(The above is an indication here that Department of Agriculture thinking reflected its pre-Partition origins, as indeed did the structures of the RDS and the RIA, both of which remained resolutely all-Ireland bodies. The imposed partitioned State-statelet structure was out of kilter with the structures of the principal Baconian nation-building scientific institutions, a key weakening factor for State, statelet and institutions; the analysis of this is another item on the PRUHSI agenda.)

Nearly all of his work was published in Ireland, some of it with Phyllis Clinch who received the next award in 1961, for work in the Murphy / McKay tradition on plant diseases. She had graduated in 1923 in UCD and had studied plant physiology in Imperial College. She had also worked with Doyle on conifers. She had also studied cytology in the Sorbonne in Paris. She then proceeded to make her career in the then new field of plant viruses, elucidating the complexities of the many virus diseases of the potato, tomato and sugar beet. She published primarily in the Scientific Proceedings of the RDS, also occasionally in the Proceedings of the RIA and many of her key papers were published in Nature(42).

She was the first and only woman to receive the award, and she and McKay were the last of the old school of Irish scientists who regarded RDS publication as being part of the European mainstream, in a field where science in Ireland had remained internationally respectable with what now would be called 'niche' status.

By this time most other scientists were publishing abroad, with the unfortunate result that while some, like O Ceallaigh(43), had achieved international luminary status in their niches, attracting foreign postgraduate students, few people in Ireland knew about them.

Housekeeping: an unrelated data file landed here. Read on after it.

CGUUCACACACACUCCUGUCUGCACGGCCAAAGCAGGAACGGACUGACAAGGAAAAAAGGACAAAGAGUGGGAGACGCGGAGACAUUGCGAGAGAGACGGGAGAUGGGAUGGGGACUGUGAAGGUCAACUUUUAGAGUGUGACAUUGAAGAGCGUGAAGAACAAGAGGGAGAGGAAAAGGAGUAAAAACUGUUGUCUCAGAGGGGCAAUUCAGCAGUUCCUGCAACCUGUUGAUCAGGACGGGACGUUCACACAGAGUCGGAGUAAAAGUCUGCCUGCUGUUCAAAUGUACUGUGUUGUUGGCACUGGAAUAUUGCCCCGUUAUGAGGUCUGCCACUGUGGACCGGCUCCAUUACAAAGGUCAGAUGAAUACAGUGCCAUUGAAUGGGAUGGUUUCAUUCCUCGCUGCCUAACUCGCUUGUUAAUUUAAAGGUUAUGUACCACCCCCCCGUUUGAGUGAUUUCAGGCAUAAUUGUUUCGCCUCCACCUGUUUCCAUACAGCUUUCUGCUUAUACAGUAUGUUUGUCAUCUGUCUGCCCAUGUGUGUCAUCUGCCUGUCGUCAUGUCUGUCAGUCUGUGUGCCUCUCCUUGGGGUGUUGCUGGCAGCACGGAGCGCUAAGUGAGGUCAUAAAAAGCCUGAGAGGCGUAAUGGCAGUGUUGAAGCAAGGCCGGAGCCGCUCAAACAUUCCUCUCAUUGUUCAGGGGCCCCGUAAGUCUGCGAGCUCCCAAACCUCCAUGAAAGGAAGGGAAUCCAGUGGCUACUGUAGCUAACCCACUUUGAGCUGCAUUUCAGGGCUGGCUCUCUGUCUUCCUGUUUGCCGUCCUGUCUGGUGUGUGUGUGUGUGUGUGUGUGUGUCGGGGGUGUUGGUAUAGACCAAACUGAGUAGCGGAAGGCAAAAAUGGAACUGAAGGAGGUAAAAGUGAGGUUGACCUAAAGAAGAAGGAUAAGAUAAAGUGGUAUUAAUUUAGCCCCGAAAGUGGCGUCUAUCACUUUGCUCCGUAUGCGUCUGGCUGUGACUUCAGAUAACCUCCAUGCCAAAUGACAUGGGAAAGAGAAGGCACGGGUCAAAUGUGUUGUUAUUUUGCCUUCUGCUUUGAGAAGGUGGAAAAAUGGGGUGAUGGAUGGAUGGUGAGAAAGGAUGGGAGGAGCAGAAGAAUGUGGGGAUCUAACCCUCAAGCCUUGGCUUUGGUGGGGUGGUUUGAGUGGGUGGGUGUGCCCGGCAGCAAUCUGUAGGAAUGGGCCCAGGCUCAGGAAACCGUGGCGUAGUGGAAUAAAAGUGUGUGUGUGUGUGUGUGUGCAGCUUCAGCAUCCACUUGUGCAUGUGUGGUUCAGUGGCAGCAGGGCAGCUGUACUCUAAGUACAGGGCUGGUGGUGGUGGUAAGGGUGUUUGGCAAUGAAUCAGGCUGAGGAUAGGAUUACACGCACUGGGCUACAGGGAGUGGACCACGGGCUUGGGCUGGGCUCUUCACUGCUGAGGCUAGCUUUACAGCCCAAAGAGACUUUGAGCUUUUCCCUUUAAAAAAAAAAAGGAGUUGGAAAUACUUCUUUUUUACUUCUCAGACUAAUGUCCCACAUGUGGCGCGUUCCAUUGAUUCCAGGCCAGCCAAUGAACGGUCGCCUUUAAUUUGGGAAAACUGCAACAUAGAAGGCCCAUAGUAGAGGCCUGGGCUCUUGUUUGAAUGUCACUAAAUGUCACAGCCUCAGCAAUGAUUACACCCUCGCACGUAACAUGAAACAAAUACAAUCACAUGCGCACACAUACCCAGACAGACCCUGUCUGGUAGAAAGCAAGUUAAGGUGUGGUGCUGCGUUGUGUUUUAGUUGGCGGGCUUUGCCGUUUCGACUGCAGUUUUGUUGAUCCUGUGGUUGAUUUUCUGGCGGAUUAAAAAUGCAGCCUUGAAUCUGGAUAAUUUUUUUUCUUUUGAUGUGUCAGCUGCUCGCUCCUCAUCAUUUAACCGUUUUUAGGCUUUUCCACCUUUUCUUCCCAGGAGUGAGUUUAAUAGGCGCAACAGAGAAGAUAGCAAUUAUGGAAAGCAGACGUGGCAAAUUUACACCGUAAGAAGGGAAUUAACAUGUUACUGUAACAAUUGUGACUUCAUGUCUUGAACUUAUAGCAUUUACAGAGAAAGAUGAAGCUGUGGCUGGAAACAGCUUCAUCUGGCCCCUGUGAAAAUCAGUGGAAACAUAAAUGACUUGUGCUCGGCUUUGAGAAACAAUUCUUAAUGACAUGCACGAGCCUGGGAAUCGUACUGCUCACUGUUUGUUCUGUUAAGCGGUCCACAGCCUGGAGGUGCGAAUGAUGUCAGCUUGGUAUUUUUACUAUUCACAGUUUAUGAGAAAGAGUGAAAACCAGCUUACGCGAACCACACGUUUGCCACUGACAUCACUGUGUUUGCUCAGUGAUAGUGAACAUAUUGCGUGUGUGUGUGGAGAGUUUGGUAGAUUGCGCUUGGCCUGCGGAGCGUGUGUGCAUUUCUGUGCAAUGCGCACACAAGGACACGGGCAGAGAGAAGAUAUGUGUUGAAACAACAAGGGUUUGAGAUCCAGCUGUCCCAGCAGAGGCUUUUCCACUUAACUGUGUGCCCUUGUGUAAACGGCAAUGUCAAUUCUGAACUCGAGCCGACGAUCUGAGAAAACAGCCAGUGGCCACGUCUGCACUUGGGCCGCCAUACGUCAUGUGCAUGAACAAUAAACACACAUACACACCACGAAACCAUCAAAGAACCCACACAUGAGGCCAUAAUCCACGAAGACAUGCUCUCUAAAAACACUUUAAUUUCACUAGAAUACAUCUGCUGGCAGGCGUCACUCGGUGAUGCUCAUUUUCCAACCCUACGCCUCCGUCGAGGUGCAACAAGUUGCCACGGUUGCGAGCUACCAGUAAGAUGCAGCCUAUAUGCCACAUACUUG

After this the RDS publication requirement was dropped, and a new policy was developed, under which it was hoped to fortify RDS publication with review papers from internationally recognised luminaries and award them internal Irish recognition with the Medal.

There was one award which was transitional between these two policy steps: E J Conway FRS in 1967, for whom there is a citation, but no review paper. It is probable that they dropped the publication requirement, and then subsequently the idea emerged that a review by a medallist, in the form of a Boyle Lecture, would help bolster the declining image of the event.

Professor Conway held the Physiology chair in UCD and was a world authority on electrolyte physiology, and in general on the physiology of the inorganic constituents of living tissue. He had achieved international luminary status, receiving research funding from abroad and serving on many international committees. Most of his 120 or so papers had been published abroad, although two papers on the chemical evolution of the oceans had been published in the Proceedings of the RIA in the 40s.

This concludes what we may call the 'historical' section of the Boyle Medal sequence. In the following sections, which edge their way into contemporary politics, as well as outlining the citations of the more recent Boyle Medallists, I indicate where I think there are political links, highlighting the issues relevant in science policy development.

This break-point happens to coincide with the 1964 OECD Report(44), which was influential in shaping Government science policy for the next decades.

Copyright (c) Roy Johnston. Web version re-edited June 1999; further editing for printed publication is not excluded.